A Lot or a Little?
What you will—and won't—find in this movie.
The main thrust of the story is revenge, and the main characters destroy countless amounts of property with no consequences.
Positive Role Models
Aside from wreaking untold destruction and going out for revenge, the main character is a good team player, and has a sense of right and wrong. In two cases, he stops during a race to check on fellow racers after crashes, even though he risks his lead. (The bad guy does not show this same tendency.) Some female characters are treated as sex objects in skimpy outfits.
Violence & Scariness
The movie includes many car chases and crashes, and filmed without the aid of CG effects, the impact of these stunt sequences is quite strong. Characters die in car crashes. We see some guns and shooting, and some punching, but only a little blood is shown (mostly injuries after crashes).
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Sex, Romance & Nudity
A male character quits his office job by stripping down to nothing. It's a long sequence as he walks through the building and outside, interacting with his friends, though only his naked bottom is shown. The main character and the lead female character share an almost-kiss.
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Language is not very frequent but does include "s--t," "bitch," "ass," and "douchebag."
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Products & Purchases
A female character mentions her prized "Gucci boots." The brand names of cars are mentioned, such as "Ford Mustang."
Drinking, Drugs & Smoking
Characters occasionally drink in restaurants or in a background way.
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Parents Need to Know
Parents need to know that Need for Speed is an action movie, based on a video game, and centers around car racing (and car crashing). Teens will be attracted to the movie thanks to its star Aaron Paul in his first lead role after the hit TV series Breaking Bad. Expect plenty of car chases, stunts, and crashes, and characters die, though only a little blood is shown. Infrequent language includes a few uses of "s--t" and "bitch." In some scenes, women are shown as sexual objects, a man strips naked (only his bottom is shown), and the main character and the leading lady fall in love and nearly kiss. Parents of driving-age teens should be aware that the very fast stunt driving in the movie was done by both stuntmen and actors after intensive training, and they might want to remind them that this kind of driving in real life is extremely dangerous. To stay in the loop on more movies like this, you can sign up for weekly Family Movie Night emails.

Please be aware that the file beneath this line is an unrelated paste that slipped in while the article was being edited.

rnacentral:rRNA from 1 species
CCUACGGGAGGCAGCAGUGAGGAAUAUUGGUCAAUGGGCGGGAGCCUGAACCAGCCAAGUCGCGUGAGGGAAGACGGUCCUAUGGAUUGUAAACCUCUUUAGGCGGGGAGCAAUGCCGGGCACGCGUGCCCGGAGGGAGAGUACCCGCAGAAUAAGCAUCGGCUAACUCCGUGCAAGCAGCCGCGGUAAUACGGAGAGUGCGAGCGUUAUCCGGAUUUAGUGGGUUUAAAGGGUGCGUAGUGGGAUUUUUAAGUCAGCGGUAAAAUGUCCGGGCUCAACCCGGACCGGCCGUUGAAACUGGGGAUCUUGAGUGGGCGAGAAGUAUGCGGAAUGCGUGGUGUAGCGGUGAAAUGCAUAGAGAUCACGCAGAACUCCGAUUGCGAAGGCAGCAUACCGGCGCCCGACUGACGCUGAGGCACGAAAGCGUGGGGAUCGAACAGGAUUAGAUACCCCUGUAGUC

Is It Any Good?
Former stunt man Scott Waugh pays respectful homage to the classic action/car chase movies of the 1960s and 1970s by choosing to use all live stunts, with no computer-generated effects. He also casts an actual actor (Aaron Paul), rather than an action hero, to play the lead, resulting in more meaningful, human moments. So, even though the movie is a fairly routine popcorn entertainment with typical twists, romances, heroes and villains, it feels old-fashioned, organic, and exciting. It's based on a video game, but you'd never know it.
The stunts, especially one involving an Apache helicopter rescuing the escaping Mustang from the edge of a cliff, is tremendous, with far more powerful impact than CG effects could accomplish. It helps that Paul and his co-star, English actor Imogen Poots, are so good and sympathetic together, showing fear and doubt as well as exhilaration. And even though it runs past two hours, the movie is briskly paced; it's a terrific ride.
Did we miss something on diversity?
Research shows a connection between kids' healthy self-esteem and positive portrayals in media. That's why we've added a new "Diverse Representations" section to our reviews that will be rolling out on an ongoing basis. You can help us help kids by suggesting a diversity update.
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